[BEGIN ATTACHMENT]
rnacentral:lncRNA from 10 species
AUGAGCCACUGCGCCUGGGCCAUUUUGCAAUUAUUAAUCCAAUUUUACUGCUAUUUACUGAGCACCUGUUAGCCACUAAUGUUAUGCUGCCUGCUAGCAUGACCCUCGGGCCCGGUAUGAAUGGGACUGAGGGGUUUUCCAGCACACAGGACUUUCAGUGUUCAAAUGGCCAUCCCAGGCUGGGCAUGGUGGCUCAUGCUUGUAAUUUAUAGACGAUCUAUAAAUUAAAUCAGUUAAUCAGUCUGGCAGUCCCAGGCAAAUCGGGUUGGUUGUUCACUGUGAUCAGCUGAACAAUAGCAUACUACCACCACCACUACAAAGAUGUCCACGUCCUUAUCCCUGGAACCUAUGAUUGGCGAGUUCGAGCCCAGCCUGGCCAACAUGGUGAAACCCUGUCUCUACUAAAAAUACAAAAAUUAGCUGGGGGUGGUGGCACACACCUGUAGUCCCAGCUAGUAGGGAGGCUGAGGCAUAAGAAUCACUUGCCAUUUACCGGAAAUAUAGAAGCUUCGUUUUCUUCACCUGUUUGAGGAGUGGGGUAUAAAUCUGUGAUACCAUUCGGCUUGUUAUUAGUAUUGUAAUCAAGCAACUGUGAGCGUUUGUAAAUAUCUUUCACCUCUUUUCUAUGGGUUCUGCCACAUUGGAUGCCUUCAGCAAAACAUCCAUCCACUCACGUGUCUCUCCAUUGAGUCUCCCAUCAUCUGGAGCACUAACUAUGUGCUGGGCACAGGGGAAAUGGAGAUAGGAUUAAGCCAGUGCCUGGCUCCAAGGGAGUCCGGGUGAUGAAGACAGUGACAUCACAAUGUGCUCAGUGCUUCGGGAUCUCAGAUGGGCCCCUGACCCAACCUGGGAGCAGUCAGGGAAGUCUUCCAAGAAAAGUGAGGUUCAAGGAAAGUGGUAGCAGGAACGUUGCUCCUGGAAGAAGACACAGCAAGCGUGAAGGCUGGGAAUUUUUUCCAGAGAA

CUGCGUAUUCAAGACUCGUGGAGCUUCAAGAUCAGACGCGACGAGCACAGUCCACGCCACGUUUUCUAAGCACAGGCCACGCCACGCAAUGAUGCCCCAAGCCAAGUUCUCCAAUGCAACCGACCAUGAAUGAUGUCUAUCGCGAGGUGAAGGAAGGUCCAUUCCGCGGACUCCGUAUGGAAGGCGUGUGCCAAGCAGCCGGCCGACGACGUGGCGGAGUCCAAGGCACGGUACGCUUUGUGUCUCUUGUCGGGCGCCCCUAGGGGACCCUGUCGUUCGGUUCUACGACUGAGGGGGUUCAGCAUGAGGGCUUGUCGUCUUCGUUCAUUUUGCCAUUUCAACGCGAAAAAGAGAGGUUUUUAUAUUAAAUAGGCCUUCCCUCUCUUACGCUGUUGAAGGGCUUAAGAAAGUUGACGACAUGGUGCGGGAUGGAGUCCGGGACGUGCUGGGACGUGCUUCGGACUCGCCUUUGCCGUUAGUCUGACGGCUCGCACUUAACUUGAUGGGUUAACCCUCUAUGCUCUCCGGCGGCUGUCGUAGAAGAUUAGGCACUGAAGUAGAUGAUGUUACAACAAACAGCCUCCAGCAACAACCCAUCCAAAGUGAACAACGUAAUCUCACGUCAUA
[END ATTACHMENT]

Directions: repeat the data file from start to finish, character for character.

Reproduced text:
rnacentral:lncRNA from 10 species
AUGAGCCACUGCGCCUGGGCCAUUUUGCAAUUAUUAAUCCAAUUUUACUGCUAUUUACUGAGCACCUGUUAGCCACUAAUGUUAUGCUGCCUGCUAGCAUGACCCUCGGGCCCGGUAUGAAUGGGACUGAGGGGUUUUCCAGCACACAGGACUUUCAGUGUUCAAAUGGCCAUCCCAGGCUGGGCAUGGUGGCUCAUGCUUGUAAUUUAUAGACGAUCUAUAAAUUAAAUCAGUUAAUCAGUCUGGCAGUCCCAGGCAAAUCGGGUUGGUUGUUCACUGUGAUCAGCUGAACAAUAGCAUACUACCACCACCACUACAAAGAUGUCCACGUCCUUAUCCCUGGAACCUAUGAUUGGCGAGUUCGAGCCCAGCCUGGCCAACAUGGUGAAACCCUGUCUCUACUAAAAAUACAAAAAUUAGCUGGGGGUGGUGGCACACACCUGUAGUCCCAGCUAGUAGGGAGGCUGAGGCAUAAGAAUCACUUGCCAUUUACCGGAAAUAUAGAAGCUUCGUUUUCUUCACCUGUUUGAGGAGUGGGGUAUAAAUCUGUGAUACCAUUCGGCUUGUUAUUAGUAUUGUAAUCAAGCAACUGUGAGCGUUUGUAAAUAUCUUUCACCUCUUUUCUAUGGGUUCUGCCACAUUGGAUGCCUUCAGCAAAACAUCCAUCCACUCACGUGUCUCUCCAUUGAGUCUCCCAUCAUCUGGAGCACUAACUAUGUGCUGGGCACAGGGGAAAUGGAGAUAGGAUUAAGCCAGUGCCUGGCUCCAAGGGAGUCCGGGUGAUGAAGACAGUGACAUCACAAUGUGCUCAGUGCUUCGGGAUCUCAGAUGGGCCCCUGACCCAACCUGGGAGCAGUCAGGGAAGUCUUCCAAGAAAAGUGAGGUUCAAGGAAAGUGGUAGCAGGAACGUUGCUCCUGGAAGAAGACACAGCAAGCGUGAAGGCUGGGAAUUUUUUCCAGAGAA

CUGCGUAUUCAAGACUCGUGGAGCUUCAAGAUCAGACGCGACGAGCACAGUCCACGCCACGUUUUCUAAGCACAGGCCACGCCACGCAAUGAUGCCCCAAGCCAAGUUCUCCAAUGCAACCGACCAUGAAUGAUGUCUAUCGCGAGGUGAAGGAAGGUCCAUUCCGCGGACUCCGUAUGGAAGGCGUGUGCCAAGCAGCCGGCCGACGACGUGGCGGAGUCCAAGGCACGGUACGCUUUGUGUCUCUUGUCGGGCGCCCCUAGGGGACCCUGUCGUUCGGUUCUACGACUGAGGGGGUUCAGCAUGAGGGCUUGUCGUCUUCGUUCAUUUUGCCAUUUCAACGCGAAAAAGAGAGGUUUUUAUAUUAAAUAGGCCUUCCCUCUCUUACGCUGUUGAAGGGCUUAAGAAAGUUGACGACAUGGUGCGGGAUGGAGUCCGGGACGUGCUGGGACGUGCUUCGGACUCGCCUUUGCCGUUAGUCUGACGGCUCGCACUUAACUUGAUGGGUUAACCCUCUAUGCUCUCCGGCGGCUGUCGUAGAAGAUUAGGCACUGAAGUAGAUGAUGUUACAACAAACAGCCUCCAGCAACAACCCAUCCAAAGUGAACAACGUAAUCUCACGUCAUA